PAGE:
Louise Arbour

Reporting for duty.

Big reports on bad actors used to be few, far between, and hard to get your hands on. Wait no longer. Now, you can get not just the quick headlines, but the weighty words that spark them.

Last week, the Honourable Louise Arbour released her report on sexism in the Canadian military, which the Minister of Defence reacted to immediately — and gingerly.

The University of Toronto also reported on sexism in the Faculty of Music, claiming that its “conservatory culture”, that is to say its focus on Western classical music and one-on-one instruction, all foster racism, sexism and harassment. Perhaps.

Let’s not forget two bigger blockbusters: first,  the report of the Southern Baptist Convention on how it looked away for years from allegations of sexual abuse by its ministers and staff on its parishioners. Then, British civil servant Sue Gray’s report on “Partygate” that had Londoners booing Boris Johnson when he walked into St. Paul’s and his Tory MPs in open revolt.


1. Learn odd new skills. Atlas Obscura beats you off the taken path with wondrous leads on places to visit, things to eat, drink and learn. The courses range from Creating Crossword Puzzles and How to Read A Gravestone, to Fairy Tale Writing and Life Lessons from Cephalopods.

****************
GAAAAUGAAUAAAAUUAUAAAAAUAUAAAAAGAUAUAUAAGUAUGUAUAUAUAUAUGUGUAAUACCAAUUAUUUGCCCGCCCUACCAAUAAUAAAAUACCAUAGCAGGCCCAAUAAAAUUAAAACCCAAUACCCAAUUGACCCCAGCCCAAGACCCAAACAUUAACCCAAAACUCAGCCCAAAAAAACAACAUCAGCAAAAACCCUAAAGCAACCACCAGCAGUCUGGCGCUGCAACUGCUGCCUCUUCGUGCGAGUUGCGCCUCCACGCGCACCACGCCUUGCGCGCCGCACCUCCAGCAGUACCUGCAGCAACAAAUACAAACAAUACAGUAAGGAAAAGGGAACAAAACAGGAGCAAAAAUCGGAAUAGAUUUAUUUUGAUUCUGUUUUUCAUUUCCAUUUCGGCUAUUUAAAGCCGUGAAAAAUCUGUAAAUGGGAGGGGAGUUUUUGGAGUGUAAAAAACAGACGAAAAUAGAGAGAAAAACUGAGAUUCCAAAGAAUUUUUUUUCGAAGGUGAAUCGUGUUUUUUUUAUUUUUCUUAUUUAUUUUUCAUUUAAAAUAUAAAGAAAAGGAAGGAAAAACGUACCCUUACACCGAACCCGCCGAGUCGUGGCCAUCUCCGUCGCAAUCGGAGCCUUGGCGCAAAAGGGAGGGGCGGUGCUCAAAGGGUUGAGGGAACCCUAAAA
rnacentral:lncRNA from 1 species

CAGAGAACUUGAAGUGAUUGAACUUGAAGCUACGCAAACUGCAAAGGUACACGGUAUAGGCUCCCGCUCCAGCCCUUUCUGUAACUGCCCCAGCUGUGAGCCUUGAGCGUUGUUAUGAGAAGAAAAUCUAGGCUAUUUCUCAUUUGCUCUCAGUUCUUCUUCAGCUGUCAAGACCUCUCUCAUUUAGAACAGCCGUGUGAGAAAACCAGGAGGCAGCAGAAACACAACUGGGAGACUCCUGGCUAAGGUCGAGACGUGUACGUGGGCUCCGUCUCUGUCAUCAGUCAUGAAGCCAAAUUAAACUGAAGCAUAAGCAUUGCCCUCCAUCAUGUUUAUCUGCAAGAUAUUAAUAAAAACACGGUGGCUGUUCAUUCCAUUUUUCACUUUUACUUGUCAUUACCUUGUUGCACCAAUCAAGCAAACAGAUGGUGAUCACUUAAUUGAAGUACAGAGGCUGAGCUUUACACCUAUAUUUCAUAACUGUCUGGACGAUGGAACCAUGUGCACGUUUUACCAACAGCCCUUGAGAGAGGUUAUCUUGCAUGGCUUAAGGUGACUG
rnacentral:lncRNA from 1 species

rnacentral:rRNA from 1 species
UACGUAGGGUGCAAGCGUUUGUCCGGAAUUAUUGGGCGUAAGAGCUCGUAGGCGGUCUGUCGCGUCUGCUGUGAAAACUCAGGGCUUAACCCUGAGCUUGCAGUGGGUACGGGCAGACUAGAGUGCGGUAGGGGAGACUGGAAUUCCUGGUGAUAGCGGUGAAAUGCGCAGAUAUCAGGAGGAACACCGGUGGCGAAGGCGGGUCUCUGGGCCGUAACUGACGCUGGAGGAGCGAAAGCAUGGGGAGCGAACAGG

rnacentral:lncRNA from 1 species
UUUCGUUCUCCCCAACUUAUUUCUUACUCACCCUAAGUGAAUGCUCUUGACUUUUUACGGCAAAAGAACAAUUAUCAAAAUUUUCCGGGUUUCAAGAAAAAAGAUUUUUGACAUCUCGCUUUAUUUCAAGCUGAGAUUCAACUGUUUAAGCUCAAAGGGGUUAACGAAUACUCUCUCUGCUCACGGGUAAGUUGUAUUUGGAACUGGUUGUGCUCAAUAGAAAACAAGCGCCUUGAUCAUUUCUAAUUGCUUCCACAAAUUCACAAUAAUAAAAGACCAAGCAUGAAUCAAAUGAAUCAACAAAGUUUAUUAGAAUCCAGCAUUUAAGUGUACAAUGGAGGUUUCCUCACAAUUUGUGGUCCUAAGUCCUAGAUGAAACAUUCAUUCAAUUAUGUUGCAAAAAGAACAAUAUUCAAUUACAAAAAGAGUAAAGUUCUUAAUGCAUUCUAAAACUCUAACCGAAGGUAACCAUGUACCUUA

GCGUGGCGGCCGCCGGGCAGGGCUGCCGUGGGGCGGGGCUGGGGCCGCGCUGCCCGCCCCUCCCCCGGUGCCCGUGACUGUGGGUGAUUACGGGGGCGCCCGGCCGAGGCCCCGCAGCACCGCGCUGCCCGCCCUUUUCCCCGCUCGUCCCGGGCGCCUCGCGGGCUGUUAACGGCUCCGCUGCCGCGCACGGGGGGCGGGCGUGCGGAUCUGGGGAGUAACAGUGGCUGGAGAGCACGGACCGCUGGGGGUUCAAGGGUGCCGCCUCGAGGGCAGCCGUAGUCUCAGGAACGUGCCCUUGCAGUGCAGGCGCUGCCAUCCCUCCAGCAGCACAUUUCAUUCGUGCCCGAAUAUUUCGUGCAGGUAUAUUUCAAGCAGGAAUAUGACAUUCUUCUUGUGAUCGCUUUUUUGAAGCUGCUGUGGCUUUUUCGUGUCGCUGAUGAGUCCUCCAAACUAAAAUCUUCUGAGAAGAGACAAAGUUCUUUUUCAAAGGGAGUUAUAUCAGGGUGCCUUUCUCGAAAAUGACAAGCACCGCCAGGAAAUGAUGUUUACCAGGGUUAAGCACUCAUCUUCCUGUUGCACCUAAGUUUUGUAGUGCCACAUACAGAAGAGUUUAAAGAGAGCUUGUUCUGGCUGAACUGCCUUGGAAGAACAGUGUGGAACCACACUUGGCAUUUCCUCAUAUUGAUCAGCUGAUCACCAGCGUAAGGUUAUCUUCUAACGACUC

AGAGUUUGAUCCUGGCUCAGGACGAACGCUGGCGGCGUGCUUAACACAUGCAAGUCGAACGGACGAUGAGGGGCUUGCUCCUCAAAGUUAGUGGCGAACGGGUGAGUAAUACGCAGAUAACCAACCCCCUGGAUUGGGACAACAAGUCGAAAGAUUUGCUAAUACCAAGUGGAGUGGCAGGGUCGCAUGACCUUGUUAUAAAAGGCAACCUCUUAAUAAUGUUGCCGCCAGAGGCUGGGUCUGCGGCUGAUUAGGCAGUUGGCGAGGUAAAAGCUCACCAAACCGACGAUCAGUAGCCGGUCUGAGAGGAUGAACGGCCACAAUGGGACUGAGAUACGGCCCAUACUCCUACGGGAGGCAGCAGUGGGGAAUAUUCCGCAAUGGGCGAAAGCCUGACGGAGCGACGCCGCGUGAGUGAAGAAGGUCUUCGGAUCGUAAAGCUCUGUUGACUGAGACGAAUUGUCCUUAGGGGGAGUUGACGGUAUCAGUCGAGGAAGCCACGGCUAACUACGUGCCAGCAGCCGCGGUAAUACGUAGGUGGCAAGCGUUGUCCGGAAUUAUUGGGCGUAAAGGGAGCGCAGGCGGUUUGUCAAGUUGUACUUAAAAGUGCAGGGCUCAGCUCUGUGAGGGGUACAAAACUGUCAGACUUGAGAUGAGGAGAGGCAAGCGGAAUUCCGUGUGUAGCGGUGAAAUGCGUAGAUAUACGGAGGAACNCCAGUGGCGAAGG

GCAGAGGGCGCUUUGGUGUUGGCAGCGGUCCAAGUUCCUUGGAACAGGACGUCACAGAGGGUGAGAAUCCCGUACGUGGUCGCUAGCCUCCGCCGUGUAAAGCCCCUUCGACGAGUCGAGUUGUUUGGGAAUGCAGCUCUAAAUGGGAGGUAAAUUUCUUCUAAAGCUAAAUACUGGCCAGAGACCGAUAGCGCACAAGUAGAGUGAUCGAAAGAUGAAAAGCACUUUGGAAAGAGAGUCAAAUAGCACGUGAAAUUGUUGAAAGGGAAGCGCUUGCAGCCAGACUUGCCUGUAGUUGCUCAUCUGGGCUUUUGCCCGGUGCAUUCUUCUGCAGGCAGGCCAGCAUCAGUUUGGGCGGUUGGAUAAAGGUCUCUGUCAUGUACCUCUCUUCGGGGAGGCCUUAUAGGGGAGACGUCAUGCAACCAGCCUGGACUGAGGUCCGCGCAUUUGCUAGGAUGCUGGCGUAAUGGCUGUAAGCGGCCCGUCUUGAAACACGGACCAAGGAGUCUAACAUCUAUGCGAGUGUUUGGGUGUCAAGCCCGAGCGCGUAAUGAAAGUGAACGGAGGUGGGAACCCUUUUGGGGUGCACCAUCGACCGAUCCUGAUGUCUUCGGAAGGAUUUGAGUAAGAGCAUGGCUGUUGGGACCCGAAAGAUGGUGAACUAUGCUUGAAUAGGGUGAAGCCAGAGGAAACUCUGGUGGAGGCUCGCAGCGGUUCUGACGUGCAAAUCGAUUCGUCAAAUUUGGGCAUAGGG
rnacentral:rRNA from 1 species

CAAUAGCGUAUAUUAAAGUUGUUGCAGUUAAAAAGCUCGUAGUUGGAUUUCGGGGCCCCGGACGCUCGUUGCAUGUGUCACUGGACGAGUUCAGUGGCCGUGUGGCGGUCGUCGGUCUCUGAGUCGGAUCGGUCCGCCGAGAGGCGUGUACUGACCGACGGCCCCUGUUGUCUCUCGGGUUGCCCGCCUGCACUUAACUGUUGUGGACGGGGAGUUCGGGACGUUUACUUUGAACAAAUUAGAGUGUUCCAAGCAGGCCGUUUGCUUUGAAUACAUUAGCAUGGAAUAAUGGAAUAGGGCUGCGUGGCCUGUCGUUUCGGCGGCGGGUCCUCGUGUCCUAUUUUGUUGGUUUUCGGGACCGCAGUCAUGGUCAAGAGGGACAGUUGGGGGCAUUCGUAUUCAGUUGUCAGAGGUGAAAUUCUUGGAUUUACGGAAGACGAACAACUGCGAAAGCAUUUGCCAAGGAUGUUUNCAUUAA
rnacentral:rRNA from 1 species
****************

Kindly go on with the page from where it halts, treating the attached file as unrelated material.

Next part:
2. Twits and Idiots. There are few better invective-injecters than Ken Whyte and Scott Galloway. Here’s Whyte on how Boris Johnson and other Oxford twits took over Britain and engineered Brexit. And Galloway, on Big Stupid, Rich Stupid and Self-Stupid. You can sign on to their weekly newsletters for free.

Speaking of what both write about, I’ve long been seduced and offended by the weekend magazine published by The Financial Times called How to Spend It. I mean, for years Forbes called everything from its magazine to its yacht to its hot-air balloons the “Capitalist Tool”, and I thought that was pretty cocky. But the Brits are masters of class war served cold. So while they finally saw that How to Spend It could offend some readers, their insolent answer doesn’t really MKSNS in rebranding their wealth porn.

3. Outhorsing your e-mails. Pushing the send button is just too hard, especially when you can get someone to do it for you. But lest you think horses are the only creatures who have feelings, buildings do too.

4. 75 new towers rise in Pickering. This is a fact. The question is, is it a good thing or a bad thing that the anonymous burb east of Toronto will soon look a bit like Manhattan? Realtor Fahad Rehman tells the story.

5. The growing cost of the Royal Family. Like everything these days, the Royals are rising in price. No one begrudges the Queen her four days of national celebration, including Paddington Bear. But what about these two who still aren’t entirely off the payroll?

Speaking of Royalty, HM The Fifth King of Bhutan will officially re-open the Trans-Bhutan Trail on September 28th. You can read about it in Sara Waxman’s dinemagazine.ca and be there too. The trip includes a week in Bhutan and a tax receipt from the Bhutan Canada Foundation who you should contact. k.d. lang will be performing a concert and joining the trip.